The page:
To Kill a Mockingbird by Harper Lee
To Kill a Mockingbird is largely autobiographical, with the character of Scout based on Harper Lee’s experiences as a young girl, Atticus Finch based on her father, and the young visitor Dill on Lee’s childhood and lifelong friend Truman Capote. The book was extracted from a larger work (the remainder was completed as Go Set a Watchman) and her editors warned Lee that it was unlikely to sell well at first. Instead, it was a sensation, a Book of the Month Club selection, and it was made into a motion picture in 1962, also a major hit.
To Kill a Mockingbird contains quite a bit to draw the ire of those determined to decide for others what they may or may not read. It contains racial slurs, including the dreaded n-word, despite its prominence in dialect at the time the book was written. It has a frank discussion of a black-on-white rape, later shown to be a false accusation, and profanity is common throughout the book.
The book has been continually challenged as to its fitness for classroom use and presence on school library shelves. One frequently cited is the book’s discussion of the attraction towards Tom Robinson, a black man accused of rape, by Mayella Ewell, the alleged victim. This was a particular area of concern among white parents and school boards in the south throughout the 1960s. As recently as 2016 the Commonwealth of Virginia had the book removed from school libraries.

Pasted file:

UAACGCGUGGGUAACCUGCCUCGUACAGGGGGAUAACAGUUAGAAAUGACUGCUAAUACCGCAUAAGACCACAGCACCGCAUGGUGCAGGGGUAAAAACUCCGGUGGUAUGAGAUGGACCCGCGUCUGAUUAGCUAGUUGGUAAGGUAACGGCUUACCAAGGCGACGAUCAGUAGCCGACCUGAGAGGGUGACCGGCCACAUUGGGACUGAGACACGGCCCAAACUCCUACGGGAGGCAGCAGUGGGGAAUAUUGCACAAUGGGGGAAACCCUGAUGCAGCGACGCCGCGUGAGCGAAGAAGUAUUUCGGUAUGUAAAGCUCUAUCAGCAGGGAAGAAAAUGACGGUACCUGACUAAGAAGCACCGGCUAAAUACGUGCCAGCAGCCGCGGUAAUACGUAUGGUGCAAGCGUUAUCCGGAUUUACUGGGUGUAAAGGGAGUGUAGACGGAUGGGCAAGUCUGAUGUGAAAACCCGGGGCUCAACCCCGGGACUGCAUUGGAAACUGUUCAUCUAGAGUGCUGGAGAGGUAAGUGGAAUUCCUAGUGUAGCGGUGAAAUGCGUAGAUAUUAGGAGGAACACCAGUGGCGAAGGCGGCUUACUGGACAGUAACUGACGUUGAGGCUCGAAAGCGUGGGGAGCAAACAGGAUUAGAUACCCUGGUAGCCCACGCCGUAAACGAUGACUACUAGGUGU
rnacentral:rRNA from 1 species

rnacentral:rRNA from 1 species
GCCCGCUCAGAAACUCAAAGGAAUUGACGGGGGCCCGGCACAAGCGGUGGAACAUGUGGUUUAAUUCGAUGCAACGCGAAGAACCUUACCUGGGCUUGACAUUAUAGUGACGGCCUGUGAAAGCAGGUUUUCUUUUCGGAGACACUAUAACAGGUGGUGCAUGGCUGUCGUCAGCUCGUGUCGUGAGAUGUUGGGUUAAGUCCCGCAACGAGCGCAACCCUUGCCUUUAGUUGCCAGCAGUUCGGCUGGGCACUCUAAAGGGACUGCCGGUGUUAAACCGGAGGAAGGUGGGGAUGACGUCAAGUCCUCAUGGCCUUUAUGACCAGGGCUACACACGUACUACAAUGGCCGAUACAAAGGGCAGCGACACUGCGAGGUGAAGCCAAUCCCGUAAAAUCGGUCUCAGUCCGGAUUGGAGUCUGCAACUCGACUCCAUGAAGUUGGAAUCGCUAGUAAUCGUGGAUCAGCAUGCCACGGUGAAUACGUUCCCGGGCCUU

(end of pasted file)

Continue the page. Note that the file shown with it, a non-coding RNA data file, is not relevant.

In 2017 the school district of Biloxi Mississippi removed the book from its eighth-grade curriculum, claiming that the lessons formerly taught through its reading could be provided using other books. It did not specify which other books. The action drew a scolding from a US Senator, Ben Sasse, a Nebraska Republican, who said, “Our kids are tough enough to read a real book.” The Biloxi action began when a student, who claimed to feel uncomfortable hearing the n-word read aloud, returned to school wearing a shirt with the full word written all over.
The removal of books from curricula is somewhat different than denying access to the book by removing it from library shelves. In many areas the only library access students have is to the one in their school, a fact known to the school boards which exercise censorship through their actions. To Kill a Mockingbird remains one of the most frequently challenged books available, according to the American Library Association it was 21 on the list of the 100 most challenged books as recently as 2009.